The time travel adventures of Dr. Emmett Brown and Marty McFly in a DeLorean time machine are useful in predicting a limiting feature of the future of war. Although it is widely viewed that technology determinism will regulate future hostilities, the modern penchant for scientific reduction fuels the belief — if not the hope — that future wars will be driven if not dominated by new technologies. In its time shuffling thaumaturgy, the Back to the Future trilogy offers a counternarrative to this somewhat misguided assumption.
The character arc of Doc Brown in the trilogy is his gradual transformation from a scientist believing in the omnipotence of technology — the DeLorean time machine — to a philosophical doubter embracing the inherent unpredictability of human actions and, as a consequence, the future. As Doc tells Marty’s girlfriend Jennifer in the last scene of the trilogy, “Your future is whatever you make it” — irrespective of the DeLorean.
The future of war is also what we make of it, notwithstanding technological innovation.
This is not to say that technology is not important in determining the future of military conflict. My point is that it is not the only determinant. Doc Brown had to learn it the hard way. It was ultimately the unpredictability and complexity of human beings that checked his attempts to influence the future by technological means, forcing him to conclude that the “infernal [time] machine” needed to be destroyed as time traveling has “become much too painful.”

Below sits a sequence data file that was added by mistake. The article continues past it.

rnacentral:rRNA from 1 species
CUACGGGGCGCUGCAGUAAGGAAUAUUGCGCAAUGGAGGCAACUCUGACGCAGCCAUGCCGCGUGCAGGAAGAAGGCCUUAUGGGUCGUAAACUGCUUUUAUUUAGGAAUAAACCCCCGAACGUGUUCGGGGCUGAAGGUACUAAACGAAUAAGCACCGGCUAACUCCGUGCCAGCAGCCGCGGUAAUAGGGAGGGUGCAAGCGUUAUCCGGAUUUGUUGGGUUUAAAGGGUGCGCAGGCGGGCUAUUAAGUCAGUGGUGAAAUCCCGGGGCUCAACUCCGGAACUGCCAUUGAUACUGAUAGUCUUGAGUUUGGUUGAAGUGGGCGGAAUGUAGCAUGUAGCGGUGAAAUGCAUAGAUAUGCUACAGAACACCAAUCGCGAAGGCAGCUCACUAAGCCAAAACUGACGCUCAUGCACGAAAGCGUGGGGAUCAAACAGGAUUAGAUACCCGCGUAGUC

The current Zeitgeist, however, inspired by the Silicon Valley gospel of technological solutionism, continues to emphasize technological determinism when analyzing and predicting the future of war, as a recent Special Report by The Economist on the subject succinctly illustrates. The report could have been renamed “The Future of Military Technology” rather than “The Future of War” as it primarily covers new military technologies.
One of the results of this emphasis on new technologies is that we still think we can engineer ourselves to military victory. As U.S. Deputy Secretary of Defense Patrick Shanahan recently said, “There’s a technical solution for everything.”
The other major insight of Doc Brown’s axiom, next to forcing us to look beyond scientific reification, is that the future of war is indeed what we make of it. We have a powerful influence in constructing any future of war narratives. If that narrative emphasizes the transformational nature of technology, the same way that, for example, pre-World War I narratives emphasized the offensive spirit of troops, it may turn out to be a self-fulfilling prophesy regardless of the actual reality.
In the run up to World War I, all European militaries emphasized offensive operations while disregarding technological changes that strengthened defense. The result was a bloody stalemate. Today, the reverse could be true. If other countries buy into the technology narrative prevalent in the United States, as some already have, future wars may end in similar deadlocks with both sides fielding technologically sophisticated weaponry, while lacking tactical, operational, and strategic innovations to use them creatively and decisively. Under such a scenario, technology will likely not be the decisive factor in bringing about military victory even when it substantially shapes the nature of future military conflict.